The Obamas to launch their foundation's 'Leaders: Asia Pacific' programme in KL this December

Obama Foundation's chief international officer (CIO) Bernadette Meehan speaks about the goals of the year-long programme.

President Obama has been making many international trips on behalf of the foundation since he left office, but this will be Mrs Obama’s first (All photos: The Obama Foundation)

Earlier this week, the Obama Foundation announced that Barack and Michelle Obama will be attending the launch of the foundation’s inaugural Leaders: Asia Pacific programme in Malaysia. The gathering, which will take place in Kuala Lumpur from Dec 10 to 14, will convene 200 emerging leaders between 24 to 40 years old from 30 nations and territories across Asia Pacific. These leaders were selected as part of a year-long virtual leadership programme that seeks to build a network of ethical, value-based changemakers eager to drive positive change in their communities.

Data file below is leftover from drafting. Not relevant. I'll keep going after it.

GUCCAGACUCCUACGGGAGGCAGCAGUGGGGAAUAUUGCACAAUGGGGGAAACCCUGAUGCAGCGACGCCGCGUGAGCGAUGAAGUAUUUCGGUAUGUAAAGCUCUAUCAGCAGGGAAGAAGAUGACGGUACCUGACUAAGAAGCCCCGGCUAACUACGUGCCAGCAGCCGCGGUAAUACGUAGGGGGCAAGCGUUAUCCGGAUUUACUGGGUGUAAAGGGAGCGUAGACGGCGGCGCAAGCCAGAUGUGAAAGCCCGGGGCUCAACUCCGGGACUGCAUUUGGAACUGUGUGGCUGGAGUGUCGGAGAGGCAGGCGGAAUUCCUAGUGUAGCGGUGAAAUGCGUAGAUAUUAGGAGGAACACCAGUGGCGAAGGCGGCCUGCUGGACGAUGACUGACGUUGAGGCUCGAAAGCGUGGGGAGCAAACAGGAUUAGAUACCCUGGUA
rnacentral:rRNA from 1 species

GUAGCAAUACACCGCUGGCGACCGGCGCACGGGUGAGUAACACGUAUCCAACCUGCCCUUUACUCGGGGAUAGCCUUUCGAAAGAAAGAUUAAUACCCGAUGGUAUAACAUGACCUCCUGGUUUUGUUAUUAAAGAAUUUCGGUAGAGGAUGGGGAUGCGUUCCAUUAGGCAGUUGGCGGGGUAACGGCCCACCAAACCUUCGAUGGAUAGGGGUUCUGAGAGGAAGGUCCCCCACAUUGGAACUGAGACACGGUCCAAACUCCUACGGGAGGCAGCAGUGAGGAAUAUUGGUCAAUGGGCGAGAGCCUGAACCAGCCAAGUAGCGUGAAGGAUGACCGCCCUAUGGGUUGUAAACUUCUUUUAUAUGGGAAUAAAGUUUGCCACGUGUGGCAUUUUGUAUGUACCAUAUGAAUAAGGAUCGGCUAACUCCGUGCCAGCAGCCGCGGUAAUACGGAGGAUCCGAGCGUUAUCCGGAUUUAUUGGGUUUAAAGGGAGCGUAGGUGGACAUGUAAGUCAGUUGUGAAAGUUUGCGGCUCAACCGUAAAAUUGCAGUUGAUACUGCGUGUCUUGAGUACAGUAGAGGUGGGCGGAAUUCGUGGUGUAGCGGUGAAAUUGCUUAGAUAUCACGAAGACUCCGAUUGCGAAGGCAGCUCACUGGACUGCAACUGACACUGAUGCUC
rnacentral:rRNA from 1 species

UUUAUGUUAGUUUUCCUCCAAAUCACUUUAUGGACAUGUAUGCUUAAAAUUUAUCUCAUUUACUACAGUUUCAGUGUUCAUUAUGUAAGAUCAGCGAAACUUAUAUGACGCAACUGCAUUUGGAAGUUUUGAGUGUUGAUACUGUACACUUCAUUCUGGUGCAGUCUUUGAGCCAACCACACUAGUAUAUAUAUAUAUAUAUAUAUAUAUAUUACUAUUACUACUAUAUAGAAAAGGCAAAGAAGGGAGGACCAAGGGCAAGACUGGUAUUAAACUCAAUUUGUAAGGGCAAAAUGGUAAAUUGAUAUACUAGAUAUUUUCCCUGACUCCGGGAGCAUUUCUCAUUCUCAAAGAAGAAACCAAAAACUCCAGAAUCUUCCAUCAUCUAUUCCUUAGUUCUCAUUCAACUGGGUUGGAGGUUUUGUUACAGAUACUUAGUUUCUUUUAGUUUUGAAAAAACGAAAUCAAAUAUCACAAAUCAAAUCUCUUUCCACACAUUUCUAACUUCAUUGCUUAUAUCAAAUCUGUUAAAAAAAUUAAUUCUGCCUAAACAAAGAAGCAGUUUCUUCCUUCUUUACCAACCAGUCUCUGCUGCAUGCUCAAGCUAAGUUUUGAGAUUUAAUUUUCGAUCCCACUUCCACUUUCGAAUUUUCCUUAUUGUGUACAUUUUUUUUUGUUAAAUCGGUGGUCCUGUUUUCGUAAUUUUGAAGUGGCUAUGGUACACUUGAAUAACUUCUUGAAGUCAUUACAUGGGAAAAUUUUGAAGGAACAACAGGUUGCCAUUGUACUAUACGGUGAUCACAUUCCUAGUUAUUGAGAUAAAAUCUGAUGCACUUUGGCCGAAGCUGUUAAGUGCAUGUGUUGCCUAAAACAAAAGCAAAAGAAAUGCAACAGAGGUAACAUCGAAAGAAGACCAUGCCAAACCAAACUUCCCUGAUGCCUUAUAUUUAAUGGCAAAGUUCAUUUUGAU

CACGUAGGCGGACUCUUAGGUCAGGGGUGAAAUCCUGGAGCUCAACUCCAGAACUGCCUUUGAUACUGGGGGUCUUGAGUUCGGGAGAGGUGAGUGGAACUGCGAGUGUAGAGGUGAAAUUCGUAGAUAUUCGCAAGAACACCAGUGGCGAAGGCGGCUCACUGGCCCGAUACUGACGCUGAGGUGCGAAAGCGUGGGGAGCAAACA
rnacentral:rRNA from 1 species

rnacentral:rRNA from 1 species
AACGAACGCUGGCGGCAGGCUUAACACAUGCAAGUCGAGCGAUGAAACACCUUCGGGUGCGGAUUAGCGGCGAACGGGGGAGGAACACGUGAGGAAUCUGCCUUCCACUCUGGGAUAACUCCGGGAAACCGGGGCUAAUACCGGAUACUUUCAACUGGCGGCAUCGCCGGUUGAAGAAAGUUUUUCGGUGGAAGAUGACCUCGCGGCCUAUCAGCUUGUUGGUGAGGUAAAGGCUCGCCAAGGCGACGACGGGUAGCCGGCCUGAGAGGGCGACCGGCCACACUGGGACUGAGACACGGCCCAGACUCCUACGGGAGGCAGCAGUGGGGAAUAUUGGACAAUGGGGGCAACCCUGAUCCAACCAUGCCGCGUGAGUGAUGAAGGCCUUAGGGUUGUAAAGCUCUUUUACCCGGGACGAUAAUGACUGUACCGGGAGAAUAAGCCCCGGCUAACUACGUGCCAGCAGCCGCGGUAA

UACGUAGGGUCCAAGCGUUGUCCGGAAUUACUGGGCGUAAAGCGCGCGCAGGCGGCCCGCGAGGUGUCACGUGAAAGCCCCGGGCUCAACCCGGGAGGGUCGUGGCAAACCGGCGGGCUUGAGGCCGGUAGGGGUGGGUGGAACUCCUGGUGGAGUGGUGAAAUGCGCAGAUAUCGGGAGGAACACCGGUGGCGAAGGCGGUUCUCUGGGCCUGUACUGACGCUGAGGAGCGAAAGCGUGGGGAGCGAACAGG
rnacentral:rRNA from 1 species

The KL event will include plenary sessions, skill-building workshops, leadership development training and opportunities for networking. After the launch, the leaders will return to their communities – the virtual support at this point includes technical trainings, educational workshops, action plan guidance, and support and amplification from the foundation. The Obama Foundation is a Chicago-based nonprofit organisation that sets out to inspire, empower and connect young people to change their worlds for the better and it is where the President has chosen to invest time in after his presidency. In an interview with Options, the Obama Foundation’s CIO Bernadette Meehan spoke about the goals for the Leaders: Asia Pacific programme, why Malaysia was chosen for the launch as well as her experiences working closely with the Obamas.


Meehan previously served as a senior advisor at the White House National Security Council

Options: Tell us more about the Leaders Asia Pacific Programme.